How to Overcome Discontentment When Life Feels Stuck

How to Overcome Discontentment When Life Feels Stuck

How to Overcome Discontentment When Life Feels Stuck

If you’ve ever felt stuck in life, you know how discouraging it can be. Maybe you’ve been waiting for a job promotion or an entirely new job, but no doors are opening for you. Maybe you have a new project or business you’ve been enthusiastic to start, but your current life situation does not allow the time or money to do so. Despite all your efforts to move forward, you feel like nothing is happening. Life is still, stagnant, and passing you by.

In one way or another, I’m sure we’ve all experienced seasons where things are not moving as fast as we’d like and discontentment starts to arise. If you’re in a season like this, I have some good and bad news. Bad news first. I don’t have a magic formula to change your situation. However, the good news is you don’t need your situation to change to experience a content life.

Here are five ways you can experience more contentment when you feel stuck:

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1. Contentment is a choice.

1. Contentment is a choice.

In Philippians 4:12-13 the Apostle Paul tells us:

"I know what it is to be in need, and I know what it is to have plenty. I have learned the secret of being content in any and every situation, whether well fed or hungry, whether living in plenty or in want. I can do all this through him who gives me strength."

Paul is a prime example of the truth that our contentment does not have to be limited by our circumstance. He has experienced both good and bad conditions, and he knows how to be content in both. He did not restrict himself to living contently only when things were going his way. Paul shows us that living a content or discontent life is our choice to make.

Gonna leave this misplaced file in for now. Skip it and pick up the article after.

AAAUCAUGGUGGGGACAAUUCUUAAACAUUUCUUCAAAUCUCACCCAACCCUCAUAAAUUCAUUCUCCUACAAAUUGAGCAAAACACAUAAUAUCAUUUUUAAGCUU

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2. Contentment is learned, and we can get better at it.

2. Contentment is learned, and we can get better at it.

I completely understand that when we feel stuck in life, this is not always the most comfortable choice, which is why I love that Paul makes it clear that his contentment did not come naturally but was learned.

Every time a new obstacle arose, instead of seeing it as a chance to wallow in sorrow and feel bad for himself, Paul chose to use it as an opportunity to trust God more. He used those undesired circumstances as a chance to practice the art of contentment and to teach his soul to find joy and fulfillment even when he was not where he wanted to be in life.

We have the same opportunity to learn contentment when we feel stuck in life. These seasons are challenging, but they are also a chance to grow in our faith and to practice choosing trust in God over our circumstance.

Your situation does not have the power to take away your joy and peace because your situation did not give it to you. Your joy and peace come from God, and we rob ourselves of it when we choose not to trust God when things don’t go our way.

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3. Contentment is rooting our hope and joy in God.

3. Contentment is rooting our hope and joy in God.

The first step to practicing and experiencing contentment is believing that satisfaction is possible outside of what’s happening in our lives. We must choose to believe that the joy God gives us is greater than what happens to us.